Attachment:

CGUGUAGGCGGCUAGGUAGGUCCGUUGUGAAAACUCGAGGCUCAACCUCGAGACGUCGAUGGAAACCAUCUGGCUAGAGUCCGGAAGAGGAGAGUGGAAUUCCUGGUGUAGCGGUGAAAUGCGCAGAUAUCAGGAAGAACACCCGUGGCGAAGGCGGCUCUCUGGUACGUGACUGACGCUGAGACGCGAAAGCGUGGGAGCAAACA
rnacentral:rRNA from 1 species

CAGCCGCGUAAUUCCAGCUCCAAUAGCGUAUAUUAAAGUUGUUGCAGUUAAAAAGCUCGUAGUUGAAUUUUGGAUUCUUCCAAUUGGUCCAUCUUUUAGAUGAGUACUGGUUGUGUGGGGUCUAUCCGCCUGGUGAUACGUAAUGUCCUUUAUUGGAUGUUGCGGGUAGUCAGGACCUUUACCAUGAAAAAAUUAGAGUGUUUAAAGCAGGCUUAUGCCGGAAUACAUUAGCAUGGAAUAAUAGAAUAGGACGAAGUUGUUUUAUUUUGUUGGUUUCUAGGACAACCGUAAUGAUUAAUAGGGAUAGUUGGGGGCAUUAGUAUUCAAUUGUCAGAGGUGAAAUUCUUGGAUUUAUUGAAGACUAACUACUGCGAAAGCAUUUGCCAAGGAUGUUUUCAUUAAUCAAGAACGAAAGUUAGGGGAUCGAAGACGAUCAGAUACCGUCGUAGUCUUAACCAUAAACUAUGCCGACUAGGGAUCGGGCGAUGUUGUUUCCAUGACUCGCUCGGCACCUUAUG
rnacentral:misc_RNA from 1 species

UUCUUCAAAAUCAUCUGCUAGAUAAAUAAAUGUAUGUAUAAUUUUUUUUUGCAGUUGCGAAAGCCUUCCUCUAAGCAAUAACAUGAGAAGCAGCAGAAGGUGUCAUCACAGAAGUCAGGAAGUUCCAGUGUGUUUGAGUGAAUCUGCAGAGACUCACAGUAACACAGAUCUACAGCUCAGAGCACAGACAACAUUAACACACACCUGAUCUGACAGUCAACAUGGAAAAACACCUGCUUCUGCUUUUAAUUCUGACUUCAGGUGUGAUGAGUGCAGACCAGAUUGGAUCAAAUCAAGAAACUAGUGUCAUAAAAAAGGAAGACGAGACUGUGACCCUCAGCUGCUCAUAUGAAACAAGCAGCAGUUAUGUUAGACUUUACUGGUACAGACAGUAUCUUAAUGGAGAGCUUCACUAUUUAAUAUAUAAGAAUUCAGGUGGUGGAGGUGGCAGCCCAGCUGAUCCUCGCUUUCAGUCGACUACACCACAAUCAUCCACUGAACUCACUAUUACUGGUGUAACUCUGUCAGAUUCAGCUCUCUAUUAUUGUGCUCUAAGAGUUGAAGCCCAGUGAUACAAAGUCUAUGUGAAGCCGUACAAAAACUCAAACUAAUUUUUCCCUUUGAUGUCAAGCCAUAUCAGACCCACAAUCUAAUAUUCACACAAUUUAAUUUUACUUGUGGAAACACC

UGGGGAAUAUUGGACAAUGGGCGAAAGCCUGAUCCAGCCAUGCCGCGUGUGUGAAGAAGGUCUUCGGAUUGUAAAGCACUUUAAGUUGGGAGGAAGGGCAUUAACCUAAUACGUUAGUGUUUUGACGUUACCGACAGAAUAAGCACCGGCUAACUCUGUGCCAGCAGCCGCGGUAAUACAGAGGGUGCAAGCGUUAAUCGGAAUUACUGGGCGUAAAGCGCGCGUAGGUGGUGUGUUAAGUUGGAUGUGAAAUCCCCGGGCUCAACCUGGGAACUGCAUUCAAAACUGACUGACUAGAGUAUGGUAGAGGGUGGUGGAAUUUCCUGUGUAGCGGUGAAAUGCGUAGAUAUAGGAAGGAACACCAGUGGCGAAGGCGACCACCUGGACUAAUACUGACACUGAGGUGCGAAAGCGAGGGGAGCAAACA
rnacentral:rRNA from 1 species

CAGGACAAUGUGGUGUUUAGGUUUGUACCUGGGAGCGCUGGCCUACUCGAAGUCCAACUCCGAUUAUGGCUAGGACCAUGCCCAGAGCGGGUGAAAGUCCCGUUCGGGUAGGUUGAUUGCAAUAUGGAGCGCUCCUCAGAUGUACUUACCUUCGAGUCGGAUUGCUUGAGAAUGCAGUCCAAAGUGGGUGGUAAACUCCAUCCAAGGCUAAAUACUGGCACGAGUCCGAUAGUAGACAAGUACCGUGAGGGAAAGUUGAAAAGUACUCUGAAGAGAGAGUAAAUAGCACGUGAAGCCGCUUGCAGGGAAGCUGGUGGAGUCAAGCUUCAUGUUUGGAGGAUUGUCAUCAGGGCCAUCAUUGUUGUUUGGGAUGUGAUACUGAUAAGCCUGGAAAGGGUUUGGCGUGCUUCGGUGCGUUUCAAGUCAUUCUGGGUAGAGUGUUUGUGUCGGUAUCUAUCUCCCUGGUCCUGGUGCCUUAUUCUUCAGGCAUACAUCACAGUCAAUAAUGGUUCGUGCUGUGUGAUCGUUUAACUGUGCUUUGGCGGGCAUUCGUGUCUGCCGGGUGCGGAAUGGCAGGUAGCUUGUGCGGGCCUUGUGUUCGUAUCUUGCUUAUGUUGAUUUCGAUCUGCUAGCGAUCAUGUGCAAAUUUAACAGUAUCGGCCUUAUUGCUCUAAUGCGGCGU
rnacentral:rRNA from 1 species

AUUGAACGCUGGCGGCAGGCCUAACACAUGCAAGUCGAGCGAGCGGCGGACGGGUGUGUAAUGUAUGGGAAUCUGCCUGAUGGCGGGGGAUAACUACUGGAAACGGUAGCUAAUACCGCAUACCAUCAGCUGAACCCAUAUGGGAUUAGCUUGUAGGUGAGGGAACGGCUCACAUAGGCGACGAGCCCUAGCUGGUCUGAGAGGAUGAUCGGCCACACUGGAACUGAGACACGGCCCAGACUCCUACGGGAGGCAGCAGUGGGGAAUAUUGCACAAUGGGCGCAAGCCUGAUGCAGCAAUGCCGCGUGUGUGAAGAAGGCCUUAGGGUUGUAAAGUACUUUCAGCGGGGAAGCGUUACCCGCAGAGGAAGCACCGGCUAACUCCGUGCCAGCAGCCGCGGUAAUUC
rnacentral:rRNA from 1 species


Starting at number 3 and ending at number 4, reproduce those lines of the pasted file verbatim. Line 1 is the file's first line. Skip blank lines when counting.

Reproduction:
CAGCCGCGUAAUUCCAGCUCCAAUAGCGUAUAUUAAAGUUGUUGCAGUUAAAAAGCUCGUAGUUGAAUUUUGGAUUCUUCCAAUUGGUCCAUCUUUUAGAUGAGUACUGGUUGUGUGGGGUCUAUCCGCCUGGUGAUACGUAAUGUCCUUUAUUGGAUGUUGCGGGUAGUCAGGACCUUUACCAUGAAAAAAUUAGAGUGUUUAAAGCAGGCUUAUGCCGGAAUACAUUAGCAUGGAAUAAUAGAAUAGGACGAAGUUGUUUUAUUUUGUUGGUUUCUAGGACAACCGUAAUGAUUAAUAGGGAUAGUUGGGGGCAUUAGUAUUCAAUUGUCAGAGGUGAAAUUCUUGGAUUUAUUGAAGACUAACUACUGCGAAAGCAUUUGCCAAGGAUGUUUUCAUUAAUCAAGAACGAAAGUUAGGGGAUCGAAGACGAUCAGAUACCGUCGUAGUCUUAACCAUAAACUAUGCCGACUAGGGAUCGGGCGAUGUUGUUUCCAUGACUCGCUCGGCACCUUAUG
rnacentral:misc_RNA from 1 species